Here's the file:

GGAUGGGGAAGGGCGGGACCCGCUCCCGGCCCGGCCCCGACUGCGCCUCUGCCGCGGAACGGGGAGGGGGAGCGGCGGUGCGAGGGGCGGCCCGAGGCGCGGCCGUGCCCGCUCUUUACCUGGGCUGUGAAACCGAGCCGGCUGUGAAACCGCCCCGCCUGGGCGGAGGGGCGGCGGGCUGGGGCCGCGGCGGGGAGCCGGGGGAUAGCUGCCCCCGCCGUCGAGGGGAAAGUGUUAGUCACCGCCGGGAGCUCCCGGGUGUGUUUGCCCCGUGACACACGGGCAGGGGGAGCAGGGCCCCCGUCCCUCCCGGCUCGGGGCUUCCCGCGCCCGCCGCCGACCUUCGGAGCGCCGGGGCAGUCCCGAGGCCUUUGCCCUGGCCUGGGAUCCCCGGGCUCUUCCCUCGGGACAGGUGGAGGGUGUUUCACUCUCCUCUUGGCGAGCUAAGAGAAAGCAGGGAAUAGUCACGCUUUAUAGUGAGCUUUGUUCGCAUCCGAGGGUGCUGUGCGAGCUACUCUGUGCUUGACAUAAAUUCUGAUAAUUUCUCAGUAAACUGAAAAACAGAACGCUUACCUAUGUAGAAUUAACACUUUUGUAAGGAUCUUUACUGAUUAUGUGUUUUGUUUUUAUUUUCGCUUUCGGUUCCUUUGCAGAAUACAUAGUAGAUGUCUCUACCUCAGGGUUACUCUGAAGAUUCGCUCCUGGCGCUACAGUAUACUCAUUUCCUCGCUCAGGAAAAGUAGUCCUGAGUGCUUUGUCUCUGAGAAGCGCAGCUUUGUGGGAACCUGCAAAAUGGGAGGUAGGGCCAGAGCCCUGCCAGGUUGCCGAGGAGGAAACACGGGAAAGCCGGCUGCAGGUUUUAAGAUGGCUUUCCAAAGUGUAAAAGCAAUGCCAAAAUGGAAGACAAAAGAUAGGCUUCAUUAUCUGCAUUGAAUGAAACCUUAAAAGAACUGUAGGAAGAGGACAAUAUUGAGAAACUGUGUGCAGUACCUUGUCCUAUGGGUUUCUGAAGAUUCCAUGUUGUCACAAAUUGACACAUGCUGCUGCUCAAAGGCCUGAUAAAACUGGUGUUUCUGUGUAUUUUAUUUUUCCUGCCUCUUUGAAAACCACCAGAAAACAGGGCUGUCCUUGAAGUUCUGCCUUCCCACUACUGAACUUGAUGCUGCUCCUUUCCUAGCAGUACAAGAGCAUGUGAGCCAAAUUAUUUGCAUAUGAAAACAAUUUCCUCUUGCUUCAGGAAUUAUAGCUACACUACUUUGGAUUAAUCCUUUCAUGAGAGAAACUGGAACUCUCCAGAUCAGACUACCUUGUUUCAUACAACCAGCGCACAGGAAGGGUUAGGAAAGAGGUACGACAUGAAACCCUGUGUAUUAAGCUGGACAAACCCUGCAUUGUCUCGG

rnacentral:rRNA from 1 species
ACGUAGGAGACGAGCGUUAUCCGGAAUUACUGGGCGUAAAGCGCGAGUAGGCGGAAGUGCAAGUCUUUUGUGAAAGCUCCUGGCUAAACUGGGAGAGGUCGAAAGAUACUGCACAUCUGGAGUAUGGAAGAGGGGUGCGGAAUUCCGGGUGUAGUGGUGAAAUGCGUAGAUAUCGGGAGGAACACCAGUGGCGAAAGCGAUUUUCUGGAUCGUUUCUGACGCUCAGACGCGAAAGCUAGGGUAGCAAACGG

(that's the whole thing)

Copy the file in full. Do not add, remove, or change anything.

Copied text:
GGAUGGGGAAGGGCGGGACCCGCUCCCGGCCCGGCCCCGACUGCGCCUCUGCCGCGGAACGGGGAGGGGGAGCGGCGGUGCGAGGGGCGGCCCGAGGCGCGGCCGUGCCCGCUCUUUACCUGGGCUGUGAAACCGAGCCGGCUGUGAAACCGCCCCGCCUGGGCGGAGGGGCGGCGGGCUGGGGCCGCGGCGGGGAGCCGGGGGAUAGCUGCCCCCGCCGUCGAGGGGAAAGUGUUAGUCACCGCCGGGAGCUCCCGGGUGUGUUUGCCCCGUGACACACGGGCAGGGGGAGCAGGGCCCCCGUCCCUCCCGGCUCGGGGCUUCCCGCGCCCGCCGCCGACCUUCGGAGCGCCGGGGCAGUCCCGAGGCCUUUGCCCUGGCCUGGGAUCCCCGGGCUCUUCCCUCGGGACAGGUGGAGGGUGUUUCACUCUCCUCUUGGCGAGCUAAGAGAAAGCAGGGAAUAGUCACGCUUUAUAGUGAGCUUUGUUCGCAUCCGAGGGUGCUGUGCGAGCUACUCUGUGCUUGACAUAAAUUCUGAUAAUUUCUCAGUAAACUGAAAAACAGAACGCUUACCUAUGUAGAAUUAACACUUUUGUAAGGAUCUUUACUGAUUAUGUGUUUUGUUUUUAUUUUCGCUUUCGGUUCCUUUGCAGAAUACAUAGUAGAUGUCUCUACCUCAGGGUUACUCUGAAGAUUCGCUCCUGGCGCUACAGUAUACUCAUUUCCUCGCUCAGGAAAAGUAGUCCUGAGUGCUUUGUCUCUGAGAAGCGCAGCUUUGUGGGAACCUGCAAAAUGGGAGGUAGGGCCAGAGCCCUGCCAGGUUGCCGAGGAGGAAACACGGGAAAGCCGGCUGCAGGUUUUAAGAUGGCUUUCCAAAGUGUAAAAGCAAUGCCAAAAUGGAAGACAAAAGAUAGGCUUCAUUAUCUGCAUUGAAUGAAACCUUAAAAGAACUGUAGGAAGAGGACAAUAUUGAGAAACUGUGUGCAGUACCUUGUCCUAUGGGUUUCUGAAGAUUCCAUGUUGUCACAAAUUGACACAUGCUGCUGCUCAAAGGCCUGAUAAAACUGGUGUUUCUGUGUAUUUUAUUUUUCCUGCCUCUUUGAAAACCACCAGAAAACAGGGCUGUCCUUGAAGUUCUGCCUUCCCACUACUGAACUUGAUGCUGCUCCUUUCCUAGCAGUACAAGAGCAUGUGAGCCAAAUUAUUUGCAUAUGAAAACAAUUUCCUCUUGCUUCAGGAAUUAUAGCUACACUACUUUGGAUUAAUCCUUUCAUGAGAGAAACUGGAACUCUCCAGAUCAGACUACCUUGUUUCAUACAACCAGCGCACAGGAAGGGUUAGGAAAGAGGUACGACAUGAAACCCUGUGUAUUAAGCUGGACAAACCCUGCAUUGUCUCGG

rnacentral:rRNA from 1 species
ACGUAGGAGACGAGCGUUAUCCGGAAUUACUGGGCGUAAAGCGCGAGUAGGCGGAAGUGCAAGUCUUUUGUGAAAGCUCCUGGCUAAACUGGGAGAGGUCGAAAGAUACUGCACAUCUGGAGUAUGGAAGAGGGGUGCGGAAUUCCGGGUGUAGUGGUGAAAUGCGUAGAUAUCGGGAGGAACACCAGUGGCGAAAGCGAUUUUCUGGAUCGUUUCUGACGCUCAGACGCGAAAGCUAGGGUAGCAAACGG